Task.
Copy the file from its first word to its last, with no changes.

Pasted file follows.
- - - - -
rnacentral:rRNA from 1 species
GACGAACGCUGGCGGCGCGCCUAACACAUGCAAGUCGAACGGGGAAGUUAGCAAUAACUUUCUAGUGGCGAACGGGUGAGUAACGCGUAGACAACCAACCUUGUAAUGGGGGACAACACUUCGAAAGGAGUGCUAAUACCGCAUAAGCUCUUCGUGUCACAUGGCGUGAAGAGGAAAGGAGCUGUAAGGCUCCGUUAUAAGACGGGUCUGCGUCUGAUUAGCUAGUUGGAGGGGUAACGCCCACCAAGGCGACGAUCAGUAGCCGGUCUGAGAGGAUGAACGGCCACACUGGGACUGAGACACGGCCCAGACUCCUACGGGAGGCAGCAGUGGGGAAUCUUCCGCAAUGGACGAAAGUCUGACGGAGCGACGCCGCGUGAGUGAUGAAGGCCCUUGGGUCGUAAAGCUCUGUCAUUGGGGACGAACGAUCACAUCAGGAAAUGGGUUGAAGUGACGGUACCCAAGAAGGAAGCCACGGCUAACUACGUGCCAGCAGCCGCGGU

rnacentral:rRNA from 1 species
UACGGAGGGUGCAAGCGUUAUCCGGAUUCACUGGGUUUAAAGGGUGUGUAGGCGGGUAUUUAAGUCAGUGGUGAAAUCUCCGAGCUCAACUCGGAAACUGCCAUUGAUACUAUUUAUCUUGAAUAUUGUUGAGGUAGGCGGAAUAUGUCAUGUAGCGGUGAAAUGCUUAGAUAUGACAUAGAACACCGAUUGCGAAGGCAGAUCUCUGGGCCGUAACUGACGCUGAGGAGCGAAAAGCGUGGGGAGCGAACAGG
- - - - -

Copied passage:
rnacentral:rRNA from 1 species
GACGAACGCUGGCGGCGCGCCUAACACAUGCAAGUCGAACGGGGAAGUUAGCAAUAACUUUCUAGUGGCGAACGGGUGAGUAACGCGUAGACAACCAACCUUGUAAUGGGGGACAACACUUCGAAAGGAGUGCUAAUACCGCAUAAGCUCUUCGUGUCACAUGGCGUGAAGAGGAAAGGAGCUGUAAGGCUCCGUUAUAAGACGGGUCUGCGUCUGAUUAGCUAGUUGGAGGGGUAACGCCCACCAAGGCGACGAUCAGUAGCCGGUCUGAGAGGAUGAACGGCCACACUGGGACUGAGACACGGCCCAGACUCCUACGGGAGGCAGCAGUGGGGAAUCUUCCGCAAUGGACGAAAGUCUGACGGAGCGACGCCGCGUGAGUGAUGAAGGCCCUUGGGUCGUAAAGCUCUGUCAUUGGGGACGAACGAUCACAUCAGGAAAUGGGUUGAAGUGACGGUACCCAAGAAGGAAGCCACGGCUAACUACGUGCCAGCAGCCGCGGU

rnacentral:rRNA from 1 species
UACGGAGGGUGCAAGCGUUAUCCGGAUUCACUGGGUUUAAAGGGUGUGUAGGCGGGUAUUUAAGUCAGUGGUGAAAUCUCCGAGCUCAACUCGGAAACUGCCAUUGAUACUAUUUAUCUUGAAUAUUGUUGAGGUAGGCGGAAUAUGUCAUGUAGCGGUGAAAUGCUUAGAUAUGACAUAGAACACCGAUUGCGAAGGCAGAUCUCUGGGCCGUAACUGACGCUGAGGAGCGAAAAGCGUGGGGAGCGAACAGG